Figure 4-8 Application of shaping procedures in marketing
Learning occurs more slowly but lasts longer when a partial or intermittent reinforcement schedule is used and only some of the individual's responses are rewarded. Promotional programs have partial reinforcement schedules. A firm may offer consumers an incentive to use the company's product. The firm does not want to offer the incentive every time (continuous reinforcement), because consumers might become dependent on it and stop buying the brand when the incentive is withdrawn. A study that examined the effect of reinforcement on bus ridership found that discount coupons given as rewards for riding the bus were as effective when given on a partial schedule as when given on a continuous schedule.28 The cost of giving the discount coupons under the partial schedule, however, was considerably less.
Reinforcement schedules can also be used to influence consumer learning and behavior through a process known as shaping, the reinforcement of successive acts that lead to a desired behavior pattern or response. Rothschild and Gaidis argue that shaping is a very useful concept for marketers:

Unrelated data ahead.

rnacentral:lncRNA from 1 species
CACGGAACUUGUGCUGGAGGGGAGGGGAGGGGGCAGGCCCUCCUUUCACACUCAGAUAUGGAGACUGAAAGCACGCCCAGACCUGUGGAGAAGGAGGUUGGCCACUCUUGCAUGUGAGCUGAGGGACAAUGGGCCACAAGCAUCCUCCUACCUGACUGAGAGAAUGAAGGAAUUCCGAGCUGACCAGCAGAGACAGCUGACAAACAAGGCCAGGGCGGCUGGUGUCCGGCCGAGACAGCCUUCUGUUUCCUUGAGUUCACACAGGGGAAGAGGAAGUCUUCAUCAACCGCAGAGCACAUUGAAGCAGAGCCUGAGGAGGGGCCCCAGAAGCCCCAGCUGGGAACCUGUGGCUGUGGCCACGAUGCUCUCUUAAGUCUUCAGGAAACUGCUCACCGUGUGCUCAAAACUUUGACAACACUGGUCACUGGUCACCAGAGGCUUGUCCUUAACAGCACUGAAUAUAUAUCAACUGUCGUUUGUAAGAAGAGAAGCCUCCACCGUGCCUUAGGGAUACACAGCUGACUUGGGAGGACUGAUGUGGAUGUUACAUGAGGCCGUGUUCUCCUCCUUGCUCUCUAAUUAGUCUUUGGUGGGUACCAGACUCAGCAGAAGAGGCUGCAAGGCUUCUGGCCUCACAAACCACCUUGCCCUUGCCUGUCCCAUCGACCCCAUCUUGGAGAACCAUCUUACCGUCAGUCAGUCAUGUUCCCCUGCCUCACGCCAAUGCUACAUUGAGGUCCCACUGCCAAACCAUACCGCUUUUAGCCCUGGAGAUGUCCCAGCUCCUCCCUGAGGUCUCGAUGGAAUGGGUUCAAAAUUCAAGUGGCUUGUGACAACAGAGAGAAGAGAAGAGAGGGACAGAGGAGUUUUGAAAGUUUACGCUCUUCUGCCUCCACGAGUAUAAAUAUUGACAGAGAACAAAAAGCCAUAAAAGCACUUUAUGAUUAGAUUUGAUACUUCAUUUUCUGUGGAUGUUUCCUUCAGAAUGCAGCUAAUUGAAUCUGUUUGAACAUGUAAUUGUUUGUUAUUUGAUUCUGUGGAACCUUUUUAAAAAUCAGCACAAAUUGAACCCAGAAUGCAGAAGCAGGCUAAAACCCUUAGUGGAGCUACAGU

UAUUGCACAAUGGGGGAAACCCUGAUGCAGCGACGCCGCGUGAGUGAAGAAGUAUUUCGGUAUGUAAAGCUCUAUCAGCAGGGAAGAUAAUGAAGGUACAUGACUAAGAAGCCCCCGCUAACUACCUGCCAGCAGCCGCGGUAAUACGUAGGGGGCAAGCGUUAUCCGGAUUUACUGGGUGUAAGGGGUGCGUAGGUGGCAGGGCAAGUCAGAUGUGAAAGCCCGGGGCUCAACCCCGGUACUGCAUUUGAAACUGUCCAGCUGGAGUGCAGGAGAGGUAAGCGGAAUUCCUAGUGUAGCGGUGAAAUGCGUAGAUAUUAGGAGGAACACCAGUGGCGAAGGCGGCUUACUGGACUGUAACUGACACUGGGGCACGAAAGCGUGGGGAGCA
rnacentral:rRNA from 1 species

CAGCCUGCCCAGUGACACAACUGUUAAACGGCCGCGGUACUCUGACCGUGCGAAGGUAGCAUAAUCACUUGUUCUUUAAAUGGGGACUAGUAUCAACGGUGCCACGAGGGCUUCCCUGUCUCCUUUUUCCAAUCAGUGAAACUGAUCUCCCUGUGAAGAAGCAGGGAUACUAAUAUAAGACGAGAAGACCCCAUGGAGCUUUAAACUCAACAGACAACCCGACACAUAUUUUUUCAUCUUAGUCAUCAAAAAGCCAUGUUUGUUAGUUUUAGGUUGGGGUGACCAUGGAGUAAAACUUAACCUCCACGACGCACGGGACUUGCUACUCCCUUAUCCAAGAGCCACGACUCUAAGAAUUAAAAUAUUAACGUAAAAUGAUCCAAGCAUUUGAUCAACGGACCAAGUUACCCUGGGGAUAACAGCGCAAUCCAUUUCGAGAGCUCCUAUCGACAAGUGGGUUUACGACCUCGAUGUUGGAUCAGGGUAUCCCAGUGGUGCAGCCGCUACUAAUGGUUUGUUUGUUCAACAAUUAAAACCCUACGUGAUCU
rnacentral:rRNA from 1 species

Shaping is an essential process in deriving new and complex behavior because a behavior cannot be rewarded unless it first occurs; a stimulus can only reinforce acts that already occur. New, complex behaviors rarely occur by chance in nature. If the only behavior to be rewarded were the final complex sought behavior, one would probably have to wait a long time for this to occur by chance. Instead, one can reward simpler existing behaviors; over time, more complex patterns evolve and these are rewarded. Thus the shaping process occurs by a method of successive approximations.29
In a promotional context, shaping procedures are used as part of the introductory program for new products. Figure 4-8 provides an example of how samples and discount coupons can be used to introduce a new product and take a consumer from trial to repeat purchase. Marketers must be careful in their use of shaping procedures: If they drop the incentives too soon, the consumer may not establish the desired behavior; but if they overuse them, the consumer's purchase may become contingent on the incentive rather than the product or service.
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